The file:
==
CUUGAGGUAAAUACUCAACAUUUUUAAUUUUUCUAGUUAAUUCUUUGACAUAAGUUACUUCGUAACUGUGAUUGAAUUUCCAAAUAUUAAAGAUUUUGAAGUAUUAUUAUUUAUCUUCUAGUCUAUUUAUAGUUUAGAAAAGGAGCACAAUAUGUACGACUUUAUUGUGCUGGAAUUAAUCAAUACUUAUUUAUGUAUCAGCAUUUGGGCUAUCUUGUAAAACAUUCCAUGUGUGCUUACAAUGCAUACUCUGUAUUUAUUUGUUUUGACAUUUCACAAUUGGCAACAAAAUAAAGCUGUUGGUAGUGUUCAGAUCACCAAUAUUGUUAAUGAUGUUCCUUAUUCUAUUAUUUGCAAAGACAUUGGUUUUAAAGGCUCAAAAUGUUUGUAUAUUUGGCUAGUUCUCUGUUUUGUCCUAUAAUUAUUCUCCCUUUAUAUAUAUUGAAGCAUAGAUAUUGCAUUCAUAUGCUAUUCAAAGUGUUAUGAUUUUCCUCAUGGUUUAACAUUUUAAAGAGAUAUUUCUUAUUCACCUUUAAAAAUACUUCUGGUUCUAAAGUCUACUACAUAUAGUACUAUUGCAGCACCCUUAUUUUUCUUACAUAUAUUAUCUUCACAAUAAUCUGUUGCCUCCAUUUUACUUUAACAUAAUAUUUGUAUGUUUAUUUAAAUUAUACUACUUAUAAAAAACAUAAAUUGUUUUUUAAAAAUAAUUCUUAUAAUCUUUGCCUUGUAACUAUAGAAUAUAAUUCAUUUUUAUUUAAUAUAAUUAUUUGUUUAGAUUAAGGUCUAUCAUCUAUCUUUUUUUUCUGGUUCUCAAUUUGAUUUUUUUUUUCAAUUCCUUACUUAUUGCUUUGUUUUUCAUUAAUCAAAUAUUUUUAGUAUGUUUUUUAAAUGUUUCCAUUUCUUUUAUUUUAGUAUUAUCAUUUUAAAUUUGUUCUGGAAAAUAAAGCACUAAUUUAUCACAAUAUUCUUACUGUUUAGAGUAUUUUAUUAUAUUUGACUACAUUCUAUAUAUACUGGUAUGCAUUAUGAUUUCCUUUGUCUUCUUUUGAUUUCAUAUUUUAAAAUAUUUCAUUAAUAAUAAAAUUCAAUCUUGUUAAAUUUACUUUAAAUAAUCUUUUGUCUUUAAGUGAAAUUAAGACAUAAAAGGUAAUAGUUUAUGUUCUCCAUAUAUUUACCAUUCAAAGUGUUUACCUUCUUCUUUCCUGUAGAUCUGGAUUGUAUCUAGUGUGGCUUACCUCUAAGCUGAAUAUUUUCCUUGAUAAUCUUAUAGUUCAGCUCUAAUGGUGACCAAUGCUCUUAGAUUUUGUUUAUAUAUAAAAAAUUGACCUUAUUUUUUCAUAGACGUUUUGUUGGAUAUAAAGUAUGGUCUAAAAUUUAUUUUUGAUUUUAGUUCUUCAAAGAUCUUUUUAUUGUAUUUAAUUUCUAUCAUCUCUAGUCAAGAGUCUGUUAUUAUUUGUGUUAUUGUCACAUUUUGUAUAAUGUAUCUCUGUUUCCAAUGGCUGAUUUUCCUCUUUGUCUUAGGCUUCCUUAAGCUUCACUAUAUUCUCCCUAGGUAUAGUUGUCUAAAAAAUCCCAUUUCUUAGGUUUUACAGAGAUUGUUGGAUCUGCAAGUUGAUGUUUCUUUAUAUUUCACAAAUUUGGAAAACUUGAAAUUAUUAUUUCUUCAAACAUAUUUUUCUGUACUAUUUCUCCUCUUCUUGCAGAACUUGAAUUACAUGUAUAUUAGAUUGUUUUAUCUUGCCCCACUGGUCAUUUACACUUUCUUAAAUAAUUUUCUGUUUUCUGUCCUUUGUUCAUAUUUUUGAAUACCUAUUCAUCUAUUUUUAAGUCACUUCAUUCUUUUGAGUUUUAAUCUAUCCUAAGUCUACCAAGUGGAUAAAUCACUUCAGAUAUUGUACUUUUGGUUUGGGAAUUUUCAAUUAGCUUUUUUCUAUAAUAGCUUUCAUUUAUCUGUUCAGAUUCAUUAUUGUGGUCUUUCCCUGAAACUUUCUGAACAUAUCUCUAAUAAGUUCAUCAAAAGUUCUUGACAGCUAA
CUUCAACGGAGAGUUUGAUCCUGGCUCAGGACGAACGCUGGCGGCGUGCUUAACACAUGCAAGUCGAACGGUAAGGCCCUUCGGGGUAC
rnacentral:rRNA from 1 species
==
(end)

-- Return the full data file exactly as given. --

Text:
CUUGAGGUAAAUACUCAACAUUUUUAAUUUUUCUAGUUAAUUCUUUGACAUAAGUUACUUCGUAACUGUGAUUGAAUUUCCAAAUAUUAAAGAUUUUGAAGUAUUAUUAUUUAUCUUCUAGUCUAUUUAUAGUUUAGAAAAGGAGCACAAUAUGUACGACUUUAUUGUGCUGGAAUUAAUCAAUACUUAUUUAUGUAUCAGCAUUUGGGCUAUCUUGUAAAACAUUCCAUGUGUGCUUACAAUGCAUACUCUGUAUUUAUUUGUUUUGACAUUUCACAAUUGGCAACAAAAUAAAGCUGUUGGUAGUGUUCAGAUCACCAAUAUUGUUAAUGAUGUUCCUUAUUCUAUUAUUUGCAAAGACAUUGGUUUUAAAGGCUCAAAAUGUUUGUAUAUUUGGCUAGUUCUCUGUUUUGUCCUAUAAUUAUUCUCCCUUUAUAUAUAUUGAAGCAUAGAUAUUGCAUUCAUAUGCUAUUCAAAGUGUUAUGAUUUUCCUCAUGGUUUAACAUUUUAAAGAGAUAUUUCUUAUUCACCUUUAAAAAUACUUCUGGUUCUAAAGUCUACUACAUAUAGUACUAUUGCAGCACCCUUAUUUUUCUUACAUAUAUUAUCUUCACAAUAAUCUGUUGCCUCCAUUUUACUUUAACAUAAUAUUUGUAUGUUUAUUUAAAUUAUACUACUUAUAAAAAACAUAAAUUGUUUUUUAAAAAUAAUUCUUAUAAUCUUUGCCUUGUAACUAUAGAAUAUAAUUCAUUUUUAUUUAAUAUAAUUAUUUGUUUAGAUUAAGGUCUAUCAUCUAUCUUUUUUUUCUGGUUCUCAAUUUGAUUUUUUUUUUCAAUUCCUUACUUAUUGCUUUGUUUUUCAUUAAUCAAAUAUUUUUAGUAUGUUUUUUAAAUGUUUCCAUUUCUUUUAUUUUAGUAUUAUCAUUUUAAAUUUGUUCUGGAAAAUAAAGCACUAAUUUAUCACAAUAUUCUUACUGUUUAGAGUAUUUUAUUAUAUUUGACUACAUUCUAUAUAUACUGGUAUGCAUUAUGAUUUCCUUUGUCUUCUUUUGAUUUCAUAUUUUAAAAUAUUUCAUUAAUAAUAAAAUUCAAUCUUGUUAAAUUUACUUUAAAUAAUCUUUUGUCUUUAAGUGAAAUUAAGACAUAAAAGGUAAUAGUUUAUGUUCUCCAUAUAUUUACCAUUCAAAGUGUUUACCUUCUUCUUUCCUGUAGAUCUGGAUUGUAUCUAGUGUGGCUUACCUCUAAGCUGAAUAUUUUCCUUGAUAAUCUUAUAGUUCAGCUCUAAUGGUGACCAAUGCUCUUAGAUUUUGUUUAUAUAUAAAAAAUUGACCUUAUUUUUUCAUAGACGUUUUGUUGGAUAUAAAGUAUGGUCUAAAAUUUAUUUUUGAUUUUAGUUCUUCAAAGAUCUUUUUAUUGUAUUUAAUUUCUAUCAUCUCUAGUCAAGAGUCUGUUAUUAUUUGUGUUAUUGUCACAUUUUGUAUAAUGUAUCUCUGUUUCCAAUGGCUGAUUUUCCUCUUUGUCUUAGGCUUCCUUAAGCUUCACUAUAUUCUCCCUAGGUAUAGUUGUCUAAAAAAUCCCAUUUCUUAGGUUUUACAGAGAUUGUUGGAUCUGCAAGUUGAUGUUUCUUUAUAUUUCACAAAUUUGGAAAACUUGAAAUUAUUAUUUCUUCAAACAUAUUUUUCUGUACUAUUUCUCCUCUUCUUGCAGAACUUGAAUUACAUGUAUAUUAGAUUGUUUUAUCUUGCCCCACUGGUCAUUUACACUUUCUUAAAUAAUUUUCUGUUUUCUGUCCUUUGUUCAUAUUUUUGAAUACCUAUUCAUCUAUUUUUAAGUCACUUCAUUCUUUUGAGUUUUAAUCUAUCCUAAGUCUACCAAGUGGAUAAAUCACUUCAGAUAUUGUACUUUUGGUUUGGGAAUUUUCAAUUAGCUUUUUUCUAUAAUAGCUUUCAUUUAUCUGUUCAGAUUCAUUAUUGUGGUCUUUCCCUGAAACUUUCUGAACAUAUCUCUAAUAAGUUCAUCAAAAGUUCUUGACAGCUAA
CUUCAACGGAGAGUUUGAUCCUGGCUCAGGACGAACGCUGGCGGCGUGCUUAACACAUGCAAGUCGAACGGUAAGGCCCUUCGGGGUAC
rnacentral:rRNA from 1 species